Tag Archives: scsa

Exploring Root Ginger

Today we explored root ginger, it was wrapped up in red tissue paper. #ld tried to open the package and couldn’t, I said, “How could you open it, what could you use?” #ld replied, “Scissors,” I say and “What will you do with the scissors?” #ld says, “Snip, snip, snip.” I suggest going to get some, so he walks over to where the scissors are kept. Mrs Riddell gives him a pair of scissors and he brings them over to the mat – carrying them sensibly and safely. He used the scissors to try and cut the paper, when he was unable to cut the paper, he passed the scissors to his friend saying, “‘Ere are.” (PSED, SCSA, +22-36 months, CL, S, -22-36 months, PD, MH, +22-36 months.)

#lha then cut a hole in the paper. (PD, MH, -30-50 months).

#ld holds a small piece of ginger in his hand and Mrs Riddell shows the children how to peel the ginger using a spoon.

#ld says, “Wet. Little one.”

The children spent time smelling the ginger.

Afternoon Pre-Nursery also examined ginger; #erc said the package was, “It’s a present for Santa.” I say, “I wonder what it is.” #erc tells me, “It’s for Santa’s birds. CL, S, +22-36 months.

As the children explore the ginger and learn how to peel it with a spoon, #srw says, “More, I like it.” (CL, S, =22-36 months).

#erc says, “I don’t like it.” (CL, S, =22-36 months).

#alr says, “Smell nice.” (CL, S, -22-36 months).

#alr, #ane, #srw, #ec, and #erc – PD, MH, +22-36 months

The Little Red Hen

For the next two weeks Pre-Nursery will be focusing on the traditional tale, ‘The Little Red Hen.’

Today we talked about the front cover.

I ask, “What can you see? What do you think this story could be about?”

#ld said, “Chicken.” #sh pointed to the hens head and said, “Red.”

I continue, “Where is the chicken, what room is the hen in?” I give the children time to think and respond but they stayed quiet. I say, “I can see a kettle, I can see an oven; what room do we have those in?” I waited again – allowing the children to think about my questions – but they remained quiet so I ask, “Where do we cook?”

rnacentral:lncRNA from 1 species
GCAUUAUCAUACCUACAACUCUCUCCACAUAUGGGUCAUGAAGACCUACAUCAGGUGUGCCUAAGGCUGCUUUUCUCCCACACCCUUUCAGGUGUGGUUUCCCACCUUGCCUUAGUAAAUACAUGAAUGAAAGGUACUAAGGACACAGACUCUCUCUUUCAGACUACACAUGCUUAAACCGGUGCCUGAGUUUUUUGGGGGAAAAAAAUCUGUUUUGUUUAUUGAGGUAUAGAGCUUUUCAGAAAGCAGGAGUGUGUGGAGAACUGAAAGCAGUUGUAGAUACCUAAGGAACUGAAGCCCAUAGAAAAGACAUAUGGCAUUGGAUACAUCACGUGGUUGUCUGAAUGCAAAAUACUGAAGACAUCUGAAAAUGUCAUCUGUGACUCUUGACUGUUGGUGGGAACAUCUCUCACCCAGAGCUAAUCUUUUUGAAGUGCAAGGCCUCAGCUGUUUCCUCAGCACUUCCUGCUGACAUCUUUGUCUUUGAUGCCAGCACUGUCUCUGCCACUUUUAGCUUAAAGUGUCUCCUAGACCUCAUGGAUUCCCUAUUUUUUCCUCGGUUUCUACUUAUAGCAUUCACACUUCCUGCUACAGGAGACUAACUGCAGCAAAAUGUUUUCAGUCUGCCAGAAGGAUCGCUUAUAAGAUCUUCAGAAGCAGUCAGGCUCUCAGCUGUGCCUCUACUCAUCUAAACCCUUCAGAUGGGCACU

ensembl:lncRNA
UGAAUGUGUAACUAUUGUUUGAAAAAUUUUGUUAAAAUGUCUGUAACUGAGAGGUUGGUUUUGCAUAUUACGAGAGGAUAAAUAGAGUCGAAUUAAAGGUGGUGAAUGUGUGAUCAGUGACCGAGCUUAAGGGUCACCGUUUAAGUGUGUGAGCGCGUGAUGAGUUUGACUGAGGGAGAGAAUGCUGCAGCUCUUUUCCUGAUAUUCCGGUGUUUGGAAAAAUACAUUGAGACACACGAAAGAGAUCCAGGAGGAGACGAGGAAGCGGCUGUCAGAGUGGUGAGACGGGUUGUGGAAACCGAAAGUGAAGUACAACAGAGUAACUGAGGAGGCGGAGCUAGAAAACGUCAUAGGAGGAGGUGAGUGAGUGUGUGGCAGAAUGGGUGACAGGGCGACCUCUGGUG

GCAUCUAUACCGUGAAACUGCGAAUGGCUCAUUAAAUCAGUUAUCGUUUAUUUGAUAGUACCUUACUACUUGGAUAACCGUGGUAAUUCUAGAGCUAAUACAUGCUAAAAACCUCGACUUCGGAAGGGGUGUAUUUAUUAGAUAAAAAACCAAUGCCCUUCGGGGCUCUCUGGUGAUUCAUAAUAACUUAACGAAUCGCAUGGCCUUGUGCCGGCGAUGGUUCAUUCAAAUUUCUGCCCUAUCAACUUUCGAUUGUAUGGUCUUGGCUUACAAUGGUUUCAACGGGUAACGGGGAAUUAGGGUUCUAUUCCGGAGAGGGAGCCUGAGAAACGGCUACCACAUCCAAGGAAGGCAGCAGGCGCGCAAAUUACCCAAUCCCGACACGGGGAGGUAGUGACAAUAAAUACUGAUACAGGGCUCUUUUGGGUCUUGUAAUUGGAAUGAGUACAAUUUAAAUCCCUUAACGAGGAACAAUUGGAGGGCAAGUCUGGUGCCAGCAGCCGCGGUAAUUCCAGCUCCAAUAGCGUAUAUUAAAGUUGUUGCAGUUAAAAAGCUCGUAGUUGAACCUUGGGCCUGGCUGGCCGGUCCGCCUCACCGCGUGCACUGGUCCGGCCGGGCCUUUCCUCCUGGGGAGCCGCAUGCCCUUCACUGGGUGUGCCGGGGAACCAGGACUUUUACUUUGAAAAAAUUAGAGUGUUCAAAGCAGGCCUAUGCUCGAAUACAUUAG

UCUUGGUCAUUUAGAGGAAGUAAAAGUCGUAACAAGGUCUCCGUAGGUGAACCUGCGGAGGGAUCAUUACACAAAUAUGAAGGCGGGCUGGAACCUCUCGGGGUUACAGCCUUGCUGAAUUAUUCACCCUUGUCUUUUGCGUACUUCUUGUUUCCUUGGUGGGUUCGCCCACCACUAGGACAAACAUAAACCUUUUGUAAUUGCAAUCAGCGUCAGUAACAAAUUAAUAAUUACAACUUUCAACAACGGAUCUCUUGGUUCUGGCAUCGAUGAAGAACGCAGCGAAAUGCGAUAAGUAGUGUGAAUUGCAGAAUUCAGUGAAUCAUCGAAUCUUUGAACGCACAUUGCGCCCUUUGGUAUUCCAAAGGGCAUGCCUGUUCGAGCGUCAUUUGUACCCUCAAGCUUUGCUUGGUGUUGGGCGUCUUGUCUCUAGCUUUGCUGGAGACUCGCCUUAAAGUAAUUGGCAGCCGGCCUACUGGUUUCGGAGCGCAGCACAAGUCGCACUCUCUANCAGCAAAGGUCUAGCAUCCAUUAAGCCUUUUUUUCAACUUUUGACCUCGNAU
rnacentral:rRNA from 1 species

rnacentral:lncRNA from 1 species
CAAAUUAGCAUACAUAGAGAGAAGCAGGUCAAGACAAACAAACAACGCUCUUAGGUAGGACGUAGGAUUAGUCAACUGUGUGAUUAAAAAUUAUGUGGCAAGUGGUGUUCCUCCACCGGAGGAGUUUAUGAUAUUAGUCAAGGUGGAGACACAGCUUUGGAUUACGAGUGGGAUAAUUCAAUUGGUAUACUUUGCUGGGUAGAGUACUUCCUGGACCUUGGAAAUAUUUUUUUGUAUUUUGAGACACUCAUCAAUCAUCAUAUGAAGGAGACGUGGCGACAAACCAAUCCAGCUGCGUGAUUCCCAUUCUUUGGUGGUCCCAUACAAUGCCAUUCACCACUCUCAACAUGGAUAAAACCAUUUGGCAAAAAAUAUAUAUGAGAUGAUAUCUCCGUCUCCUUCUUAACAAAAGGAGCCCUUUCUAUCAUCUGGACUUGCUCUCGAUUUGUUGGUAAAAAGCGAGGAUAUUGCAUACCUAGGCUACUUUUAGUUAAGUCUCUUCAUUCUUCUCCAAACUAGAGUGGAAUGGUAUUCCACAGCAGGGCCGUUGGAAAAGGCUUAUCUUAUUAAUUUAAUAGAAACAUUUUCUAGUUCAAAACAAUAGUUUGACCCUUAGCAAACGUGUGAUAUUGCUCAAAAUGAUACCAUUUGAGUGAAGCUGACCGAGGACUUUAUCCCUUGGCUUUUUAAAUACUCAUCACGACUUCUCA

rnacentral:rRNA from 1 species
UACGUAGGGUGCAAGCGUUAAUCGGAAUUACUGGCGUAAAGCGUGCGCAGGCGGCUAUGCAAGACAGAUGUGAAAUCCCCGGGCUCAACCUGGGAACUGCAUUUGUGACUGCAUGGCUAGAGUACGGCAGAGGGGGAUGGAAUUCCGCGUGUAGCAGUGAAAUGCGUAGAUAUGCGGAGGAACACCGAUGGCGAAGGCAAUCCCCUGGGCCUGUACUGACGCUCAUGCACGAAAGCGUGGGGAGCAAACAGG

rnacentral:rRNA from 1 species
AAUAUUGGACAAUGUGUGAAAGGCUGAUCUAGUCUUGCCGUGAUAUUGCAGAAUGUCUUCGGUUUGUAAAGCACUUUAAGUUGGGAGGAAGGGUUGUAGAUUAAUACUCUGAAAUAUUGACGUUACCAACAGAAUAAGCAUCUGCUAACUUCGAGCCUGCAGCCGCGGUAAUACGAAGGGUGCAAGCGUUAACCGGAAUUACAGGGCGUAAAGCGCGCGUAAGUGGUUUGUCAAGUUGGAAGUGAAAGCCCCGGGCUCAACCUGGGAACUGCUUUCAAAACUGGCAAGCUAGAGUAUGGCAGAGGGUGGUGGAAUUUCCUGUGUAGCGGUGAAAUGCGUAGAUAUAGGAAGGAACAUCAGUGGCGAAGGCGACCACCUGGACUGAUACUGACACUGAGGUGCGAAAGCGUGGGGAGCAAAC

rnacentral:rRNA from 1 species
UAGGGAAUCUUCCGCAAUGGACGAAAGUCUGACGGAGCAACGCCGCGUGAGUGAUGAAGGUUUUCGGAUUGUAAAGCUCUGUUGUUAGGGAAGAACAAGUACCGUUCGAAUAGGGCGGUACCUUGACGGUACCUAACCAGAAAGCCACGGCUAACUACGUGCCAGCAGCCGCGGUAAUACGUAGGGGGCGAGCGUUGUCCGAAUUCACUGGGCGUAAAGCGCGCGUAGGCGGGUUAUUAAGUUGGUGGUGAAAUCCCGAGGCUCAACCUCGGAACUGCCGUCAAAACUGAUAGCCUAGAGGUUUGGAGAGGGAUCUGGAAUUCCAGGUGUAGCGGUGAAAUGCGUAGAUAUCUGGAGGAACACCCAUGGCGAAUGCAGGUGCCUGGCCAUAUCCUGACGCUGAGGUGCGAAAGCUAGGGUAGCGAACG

#sh says “Kitchen.” I say, “That’s right we cook in the kitchen. I wonder what the hen is making.” #sh says, “Porridge” and #ld suggests a “Cookie” – this is excellent critical thinking. Mrs Riddell suggested that the hen might be baking bread.

Mrs Riddell begins to read the story and #ld repeats the word, “Wheat” and then says, “Woof, woof, woof” when Mrs Riddell points to the illustration of the dog. #sh and #ld point to the cat in the book and say, “Cat.”

One of the illustrations shows the hen digging and there are beads of sweat coming from her head, #sh suggest that the hen is, “Crying.” I say, “I see why you think the hen is crying, those drops look like tears, but look, she’s digging, she’s working very hard, I think she is sweating. Those droplets are beads of sweat because she is digging.” #ld says, “Dig, spade.”

When we look at the illustration of the hen cutting the wheat, #ld says, “Tall, cutting.” He then touches the illustration of the hen taking the bread from the oven, he says, “OW!” I ask, “What happened?” #sh answers, “It’s hot.”

The final page of the story depicts the hen eating the bread, #sh says, “Yummy, nom, nom, nom.”

We have a farm as our small world to support the children’s learning alongside this story.